The Occupational Safety & Health Reporter™ provides complete news coverage and documentation of federal and state occupational safety and health programs, standards, legislation, regulations, enforcement, and Review Commission decisions.
By Bruce Rolfsen
Citing continued high injury rates among health care workers, the head of the Occupational Safety and Health Administration has reaffirmed the agency's intention to start an inspection effort targeting nursing homes and other residential care facilities.
“The rates of injuries and illnesses among hospital and health care workers underscore OSHA's concern about the safety and health of these workers,” Assistant Labor Secretary David Michaels said in a Nov. 9 announcement. “OSHA is responding by launching, in the next few months, a national emphasis program on nursing home and residential care facilities.”
OSHA officials would not elaborate on their target date for starting the emphasis program, how many years they expect the program to run, or how employers will be chosen for inspections.
In May, OSHA told BNA of plans to move forward with a nursing home emphasis program (41 OSHR 463, 5/26/11).
Nursing homes already are among the establishments singled out for inspections through OSHA's site-specific targeting program. Under that program, about 500 nursing homes were subject to OSHA inspections because of they had above-average numbers of workers with on-the-job injuries in 2011.
Bill Borwegen, director of health and safety for the Service Employees International Union, which represents many health care workers, welcomed the emphasis program.
“This is a positive development, but a lot more needs to be done as well,” Borwegen told BNA Nov. 15. A broader program would include hospitals and would feature OSHA staff members who specialize in health care facility inspections, he said.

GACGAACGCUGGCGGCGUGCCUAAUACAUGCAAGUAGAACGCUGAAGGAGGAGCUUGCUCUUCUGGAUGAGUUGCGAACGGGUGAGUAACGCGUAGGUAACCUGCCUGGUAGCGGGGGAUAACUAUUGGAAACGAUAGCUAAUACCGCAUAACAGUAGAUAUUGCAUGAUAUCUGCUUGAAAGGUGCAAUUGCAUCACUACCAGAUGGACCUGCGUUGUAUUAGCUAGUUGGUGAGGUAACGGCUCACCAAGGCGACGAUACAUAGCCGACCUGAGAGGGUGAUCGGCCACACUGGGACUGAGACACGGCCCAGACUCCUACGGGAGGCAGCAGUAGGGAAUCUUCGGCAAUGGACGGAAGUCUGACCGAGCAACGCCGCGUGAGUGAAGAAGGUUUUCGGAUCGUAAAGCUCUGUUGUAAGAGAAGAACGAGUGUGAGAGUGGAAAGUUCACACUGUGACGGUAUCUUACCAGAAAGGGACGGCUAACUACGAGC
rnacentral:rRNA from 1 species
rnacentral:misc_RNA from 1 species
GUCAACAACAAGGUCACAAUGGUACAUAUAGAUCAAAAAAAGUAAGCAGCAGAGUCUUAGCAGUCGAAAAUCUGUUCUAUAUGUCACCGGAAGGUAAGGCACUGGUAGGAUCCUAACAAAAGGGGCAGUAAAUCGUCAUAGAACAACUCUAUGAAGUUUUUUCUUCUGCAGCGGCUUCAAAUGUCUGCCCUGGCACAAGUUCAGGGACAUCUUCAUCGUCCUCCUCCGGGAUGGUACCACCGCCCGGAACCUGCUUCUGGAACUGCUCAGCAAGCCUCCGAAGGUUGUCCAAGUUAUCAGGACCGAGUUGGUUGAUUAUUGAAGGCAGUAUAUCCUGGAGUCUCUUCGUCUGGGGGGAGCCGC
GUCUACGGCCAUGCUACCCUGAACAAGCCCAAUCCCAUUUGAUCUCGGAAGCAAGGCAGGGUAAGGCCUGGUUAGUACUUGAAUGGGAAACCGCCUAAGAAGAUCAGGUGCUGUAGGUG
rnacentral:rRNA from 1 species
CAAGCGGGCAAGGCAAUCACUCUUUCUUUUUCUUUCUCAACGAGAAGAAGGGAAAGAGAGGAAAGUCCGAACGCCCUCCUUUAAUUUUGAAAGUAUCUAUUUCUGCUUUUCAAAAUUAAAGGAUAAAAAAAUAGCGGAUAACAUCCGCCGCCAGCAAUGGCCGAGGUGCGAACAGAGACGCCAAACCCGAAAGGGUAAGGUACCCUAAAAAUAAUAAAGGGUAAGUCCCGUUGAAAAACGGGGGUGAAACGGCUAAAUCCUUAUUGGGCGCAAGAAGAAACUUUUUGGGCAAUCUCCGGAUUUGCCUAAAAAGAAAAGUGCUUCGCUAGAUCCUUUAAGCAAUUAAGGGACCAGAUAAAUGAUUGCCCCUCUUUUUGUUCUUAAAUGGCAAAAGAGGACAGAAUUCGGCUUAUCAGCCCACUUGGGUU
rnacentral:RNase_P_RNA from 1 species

Katherine Preede, public affairs manager for American Health Care Association, told BNA Nov. 15 that the association remains committed to workplace safety and hopes to “work with OSHA to uphold this commitment to our caregivers.”
Michaels's comments came the same day the Bureau of Labor Statistics issued its report on how often employees missed at least one day of work because of workplace injuries or illnesses, the Nonfatal Occupational Injuries and Illnesses Requiring Days Away From Work, 2010. (See related story in this issue.)
The BLS report put some health care occupations high on the list of those whose employees most often miss work because of on-the-job injuries. For nursing aides, orderlies, and attendants, 489 out of every 10,000 employees had medical issues that kept them home in 2010. Only law enforcement officers and bus drivers had higher rates. The average rate for all workers was 118.
Of those health care workers, the most common injuries were muscle sprains, strains, and tears, at 56 percent; and bruises and contusions, at 9 percent.
The most common causes of these injuries were overexertion from activities such as lifting, at 49 percent; falls, at 18 percent; and contact with objects, at 12 percent, BLS said.
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